Pretty sobering that in the Internet era someone who is so obviously guilty can be freed even briefly – then again thanks to dying legacy media TV’s desperation, Twitter and other social media even a nincompoop like Donald Trump can get elected, so perhaps we deserve the world we are creating.

“Confronting a possible 90% increase in electricity usage would require a large build-out of additional generating capacity, especially if we don’t want to overload the grid. Many will be surprised to learn, however, that there are already over two terawatts of proposed new power generation waiting to come online in interconnection queues. This delay is the result of proposed power generators needing to hear back from regulators and other stakeholders about how and when their generators could be connected to the grid, how much it would cost, and who would be able to pay.

So the only thing standing in the way of the United States producing three times as much power in the next couple of years is not the scarcity of renewable power generation, but rather the regulatory and logistical bottleneck of connecting this new power to the grid.”

It seems increasingly likely that we won’t really enter a phase shift of seriously committing to upgrading our grid unless the first big calamity really happens, or perhaps, we do end up having a grindingly slow period of upgrading. But rolling blackouts in California for years now don’t seem to be doing much as of yet.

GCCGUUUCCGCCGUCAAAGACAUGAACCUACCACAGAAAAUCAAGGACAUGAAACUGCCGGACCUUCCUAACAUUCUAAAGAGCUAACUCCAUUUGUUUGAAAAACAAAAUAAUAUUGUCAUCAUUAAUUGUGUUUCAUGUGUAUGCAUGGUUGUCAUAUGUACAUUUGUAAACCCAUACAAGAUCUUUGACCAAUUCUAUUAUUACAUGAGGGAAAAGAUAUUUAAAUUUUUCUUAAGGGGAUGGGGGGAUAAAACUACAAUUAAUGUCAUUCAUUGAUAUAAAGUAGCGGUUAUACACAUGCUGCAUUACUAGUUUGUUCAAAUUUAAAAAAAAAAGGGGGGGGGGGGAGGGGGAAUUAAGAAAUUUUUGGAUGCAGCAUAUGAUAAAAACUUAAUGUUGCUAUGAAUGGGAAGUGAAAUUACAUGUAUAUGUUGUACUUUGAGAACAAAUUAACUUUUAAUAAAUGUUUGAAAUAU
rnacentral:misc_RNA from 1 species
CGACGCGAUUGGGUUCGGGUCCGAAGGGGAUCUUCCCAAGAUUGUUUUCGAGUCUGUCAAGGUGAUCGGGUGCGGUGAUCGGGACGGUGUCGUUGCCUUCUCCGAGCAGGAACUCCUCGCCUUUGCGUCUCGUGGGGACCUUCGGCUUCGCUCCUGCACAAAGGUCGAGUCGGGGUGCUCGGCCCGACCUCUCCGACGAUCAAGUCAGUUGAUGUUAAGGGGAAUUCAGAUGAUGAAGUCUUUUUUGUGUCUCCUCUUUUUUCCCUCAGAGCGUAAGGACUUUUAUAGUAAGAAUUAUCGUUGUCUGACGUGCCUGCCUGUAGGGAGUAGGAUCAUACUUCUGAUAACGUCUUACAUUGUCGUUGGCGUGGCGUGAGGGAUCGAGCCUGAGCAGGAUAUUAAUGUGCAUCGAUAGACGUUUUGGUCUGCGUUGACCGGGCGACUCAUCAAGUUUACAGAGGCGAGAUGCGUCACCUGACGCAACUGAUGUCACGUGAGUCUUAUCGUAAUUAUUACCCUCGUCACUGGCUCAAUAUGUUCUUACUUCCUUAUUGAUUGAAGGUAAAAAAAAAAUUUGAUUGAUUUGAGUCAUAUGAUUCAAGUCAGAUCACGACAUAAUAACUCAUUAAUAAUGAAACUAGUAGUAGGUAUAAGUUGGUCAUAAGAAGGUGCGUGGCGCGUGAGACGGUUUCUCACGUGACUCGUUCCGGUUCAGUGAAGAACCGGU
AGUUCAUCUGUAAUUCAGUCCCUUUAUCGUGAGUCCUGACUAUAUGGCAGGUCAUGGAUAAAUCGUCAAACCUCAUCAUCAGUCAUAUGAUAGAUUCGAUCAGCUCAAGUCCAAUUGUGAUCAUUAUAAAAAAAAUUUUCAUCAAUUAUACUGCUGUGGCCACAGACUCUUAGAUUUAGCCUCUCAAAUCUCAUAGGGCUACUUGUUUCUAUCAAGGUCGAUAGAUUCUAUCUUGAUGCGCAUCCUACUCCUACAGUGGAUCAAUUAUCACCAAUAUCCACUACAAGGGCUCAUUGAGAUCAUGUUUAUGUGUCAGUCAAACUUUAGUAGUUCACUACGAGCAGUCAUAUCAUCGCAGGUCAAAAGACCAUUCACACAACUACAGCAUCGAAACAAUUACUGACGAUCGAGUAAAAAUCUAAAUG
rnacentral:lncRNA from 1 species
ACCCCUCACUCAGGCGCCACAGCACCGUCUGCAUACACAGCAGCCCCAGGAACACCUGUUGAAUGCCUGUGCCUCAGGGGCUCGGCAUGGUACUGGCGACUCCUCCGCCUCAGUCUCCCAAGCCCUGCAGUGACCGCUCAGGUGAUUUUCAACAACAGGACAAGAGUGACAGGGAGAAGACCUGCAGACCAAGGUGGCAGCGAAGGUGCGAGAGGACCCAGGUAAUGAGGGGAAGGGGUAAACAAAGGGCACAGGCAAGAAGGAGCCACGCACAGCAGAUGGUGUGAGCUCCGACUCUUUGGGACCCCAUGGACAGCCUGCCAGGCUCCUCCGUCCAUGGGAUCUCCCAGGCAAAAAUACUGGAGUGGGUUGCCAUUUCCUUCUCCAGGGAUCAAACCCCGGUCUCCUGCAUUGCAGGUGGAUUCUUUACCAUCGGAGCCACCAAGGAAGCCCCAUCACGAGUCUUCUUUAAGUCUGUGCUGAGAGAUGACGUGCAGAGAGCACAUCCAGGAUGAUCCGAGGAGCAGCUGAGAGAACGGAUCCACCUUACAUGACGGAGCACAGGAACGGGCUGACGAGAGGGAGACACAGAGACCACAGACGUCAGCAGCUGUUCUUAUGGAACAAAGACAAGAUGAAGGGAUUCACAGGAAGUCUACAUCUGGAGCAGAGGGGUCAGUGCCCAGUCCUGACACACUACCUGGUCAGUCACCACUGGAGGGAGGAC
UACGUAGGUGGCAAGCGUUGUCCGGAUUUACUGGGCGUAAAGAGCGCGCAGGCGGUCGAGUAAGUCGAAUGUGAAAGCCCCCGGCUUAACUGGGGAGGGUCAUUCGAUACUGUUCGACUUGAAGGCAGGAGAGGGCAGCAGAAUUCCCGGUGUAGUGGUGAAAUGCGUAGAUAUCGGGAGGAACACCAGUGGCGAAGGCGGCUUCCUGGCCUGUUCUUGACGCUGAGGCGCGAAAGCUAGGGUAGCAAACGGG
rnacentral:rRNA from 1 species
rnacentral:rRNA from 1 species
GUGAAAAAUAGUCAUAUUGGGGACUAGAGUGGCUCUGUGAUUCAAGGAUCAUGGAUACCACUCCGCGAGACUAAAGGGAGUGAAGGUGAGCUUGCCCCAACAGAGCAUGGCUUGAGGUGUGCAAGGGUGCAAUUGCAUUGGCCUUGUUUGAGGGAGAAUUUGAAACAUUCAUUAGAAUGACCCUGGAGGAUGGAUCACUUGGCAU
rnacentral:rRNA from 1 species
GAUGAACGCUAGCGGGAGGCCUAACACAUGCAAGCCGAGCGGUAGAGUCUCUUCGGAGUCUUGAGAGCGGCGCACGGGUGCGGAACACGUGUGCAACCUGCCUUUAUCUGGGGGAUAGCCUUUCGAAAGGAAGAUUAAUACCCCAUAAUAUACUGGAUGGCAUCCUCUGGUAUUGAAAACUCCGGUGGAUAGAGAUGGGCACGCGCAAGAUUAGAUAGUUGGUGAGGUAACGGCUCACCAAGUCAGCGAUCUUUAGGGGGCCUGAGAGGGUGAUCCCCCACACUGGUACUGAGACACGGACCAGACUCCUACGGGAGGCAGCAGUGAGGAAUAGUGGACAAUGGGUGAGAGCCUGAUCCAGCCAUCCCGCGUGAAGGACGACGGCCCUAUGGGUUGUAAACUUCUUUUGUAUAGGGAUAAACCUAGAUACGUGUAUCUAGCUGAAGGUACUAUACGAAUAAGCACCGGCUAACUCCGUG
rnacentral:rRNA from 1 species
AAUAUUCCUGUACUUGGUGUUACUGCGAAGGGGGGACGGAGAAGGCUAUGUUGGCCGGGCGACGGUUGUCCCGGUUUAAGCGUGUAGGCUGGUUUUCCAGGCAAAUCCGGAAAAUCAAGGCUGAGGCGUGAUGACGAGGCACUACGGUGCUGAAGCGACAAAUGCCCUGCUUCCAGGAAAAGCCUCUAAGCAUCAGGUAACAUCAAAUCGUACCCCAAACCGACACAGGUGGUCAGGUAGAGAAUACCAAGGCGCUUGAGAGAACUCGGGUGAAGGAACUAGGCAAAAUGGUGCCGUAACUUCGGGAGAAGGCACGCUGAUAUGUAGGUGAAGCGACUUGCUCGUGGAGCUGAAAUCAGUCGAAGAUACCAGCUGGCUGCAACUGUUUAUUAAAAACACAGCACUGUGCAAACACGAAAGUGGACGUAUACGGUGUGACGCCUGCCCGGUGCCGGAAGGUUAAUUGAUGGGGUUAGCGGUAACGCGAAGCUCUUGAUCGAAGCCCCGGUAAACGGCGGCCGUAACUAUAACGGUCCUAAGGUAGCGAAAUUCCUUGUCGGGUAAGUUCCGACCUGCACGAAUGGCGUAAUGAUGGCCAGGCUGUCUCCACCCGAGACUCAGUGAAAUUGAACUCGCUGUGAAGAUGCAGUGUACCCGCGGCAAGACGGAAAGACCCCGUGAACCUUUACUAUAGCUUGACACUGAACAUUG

He continued: “This is a realm where we have no experience and no understanding of the possibilities, but they’re going to be very good at manipulation. And if they’ve got any sense, they won’t let us know that they’re much smarter than us. I’m not confident about any of these conclusions. But I’m confident that there’s not nothing to worry about.”  

I suggested to Hinton that he was imputing to AI models motives we do not know they have. He anthropomorphised large language models throughout our conversation. He agreed that the motives of existing AIs are unknown, in so far as they have motives at all, but he thinks they will look to acquire more control so as to achieve the goals we set them. This is an open-ended risk. Hinton is trusting his intuition, having learned to do so over the decades in which his ideas were long ignored. His rise to pre-eminence as the first “god-father of AI” is recent. “My intuition is: we’re toast. This is the actual end of history.”

There are plenty of valid concerns around AI but I think we haven’t yet really defined terms, even. Everyone who believes AI will get more intelligent overall seems to vaguely speak of intelligence in various different ways, but mostly how an idiot-savant is technically more intelligent than I… at a couple distinct things, normally. I think the bigger concern is that AI borrows agency from existing, documented maladies online in medical literature, based on faulty instructions, but ultimately, it won’t ever gain its own agency. That’s because we can’t create agency, at all – we are human, not divine. Our procreation accidentally creates agency, after all.